International Journal on Network Management (ACM/Wiley), the Wireless Communications and Mobile  Computing (Wiley) and the Journal on Internet Services and Applications (Springer). His research interests include resource and service management in networked systems. He has published extensively in these areas and received several journal and conference best paper awards such as the IEEE 2008 Fred W. Ellersick Prize Paper Award, the 2001 KICS/IEEE  Journal on Communications and Networks Best Paper Award, the IM 2007 and 2009 and the CNSM 2010 Best Paper Awards among others. He also received several recognitions such
as the Premier's Research Excellence Award, two Nortel research
excellence Awards, a fellowship of the Faculty of Mathematics, a David R. Cheriton faculty fellowship, 2 outstanding performance awards at Waterloo and the NSERC discovery accelerator award. He has also received the IEEE Communications Society Hal Sobol Award and the IFIP Silver Core in 2007, the IEEE Communications Society Joe LociCero award and the IFIP/IEEE Dan Stokesbury award in 2009. He is a Fellow of the IEEE.

Guaranteeing QoS in Networking Services

    Harry Perros (homepage)

Harry Perros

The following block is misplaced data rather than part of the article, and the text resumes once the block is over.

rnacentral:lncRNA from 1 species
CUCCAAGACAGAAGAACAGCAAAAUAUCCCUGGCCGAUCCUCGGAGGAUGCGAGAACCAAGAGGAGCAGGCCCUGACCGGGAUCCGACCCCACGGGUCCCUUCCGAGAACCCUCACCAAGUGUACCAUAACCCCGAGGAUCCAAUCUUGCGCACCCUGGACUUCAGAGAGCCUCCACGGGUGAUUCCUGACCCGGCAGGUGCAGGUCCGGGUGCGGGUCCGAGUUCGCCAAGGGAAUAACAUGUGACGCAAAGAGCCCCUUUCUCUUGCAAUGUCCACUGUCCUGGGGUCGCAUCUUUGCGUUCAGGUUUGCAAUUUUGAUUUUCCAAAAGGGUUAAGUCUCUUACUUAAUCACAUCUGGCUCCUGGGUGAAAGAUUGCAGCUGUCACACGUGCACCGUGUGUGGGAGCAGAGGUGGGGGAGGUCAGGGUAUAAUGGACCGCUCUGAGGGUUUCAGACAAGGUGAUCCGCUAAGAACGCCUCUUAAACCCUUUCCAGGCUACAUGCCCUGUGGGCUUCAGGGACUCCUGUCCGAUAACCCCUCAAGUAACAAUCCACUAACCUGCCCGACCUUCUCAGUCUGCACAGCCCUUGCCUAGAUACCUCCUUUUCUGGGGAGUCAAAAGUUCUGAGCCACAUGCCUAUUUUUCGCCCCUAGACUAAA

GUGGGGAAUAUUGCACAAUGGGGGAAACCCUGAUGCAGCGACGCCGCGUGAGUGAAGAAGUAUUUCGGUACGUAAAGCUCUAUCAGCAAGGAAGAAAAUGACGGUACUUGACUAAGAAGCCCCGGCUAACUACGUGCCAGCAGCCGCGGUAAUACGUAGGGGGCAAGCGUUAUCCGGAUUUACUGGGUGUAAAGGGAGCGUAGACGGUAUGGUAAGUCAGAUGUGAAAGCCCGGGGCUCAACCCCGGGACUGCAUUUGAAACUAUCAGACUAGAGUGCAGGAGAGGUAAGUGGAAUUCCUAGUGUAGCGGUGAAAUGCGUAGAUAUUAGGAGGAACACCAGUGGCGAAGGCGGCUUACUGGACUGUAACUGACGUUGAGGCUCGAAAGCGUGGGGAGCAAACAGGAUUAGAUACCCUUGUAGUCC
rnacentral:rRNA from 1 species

Abstract: There is an abundance of networking services offered over the Internet, such as VoIP, teleconference, IPTV, presence, and instant messaging, to name a few. A service can be setup using various protocols, such as, HTTP, SIP, IP Multimedia Subsystem (IMS), the Intellingent Network, and REST. Real-time services, such as VoIP and teleconference, have stringent  QoS requirements. That is, the one-way end-to-end delay has to be less than 150 msec (though this constraint can be pushed to as much as to 200 msec or even a little beyond), the jitter should not exceed 30 msec, and the packet loss should be less than 1%. MPLS is a well-known solution for providing QoS in the transport network and it is often combined with the popular DiffServ architecture. However, how does a signaling protocol interact with the QoS-enabled transport network to request a new QoS connection for a multimedia session that is currently being negotiated? In addition, what are some of the problems involved in setting up a QoS connection? In this talk, we will focus on SIP and IMS. We will first examine the salient features of SIP and IMS, and various architectures for developing application servers. Subsequently we will describe the  Resource and Admission Control Functions (RACF), a scheme introduced in NGN to ensure QoS for multimedia sessions,which can also work with OpenFlow. Finally, we will conclude with a discussion of some of the performance issues that arise in the deployment of RACF, such as multi-domain routing, and bandwidth allocation so that the end-to-end delay, jitter, and packet loss constraints of real-time applications, such as VoIP and interactive video, are met.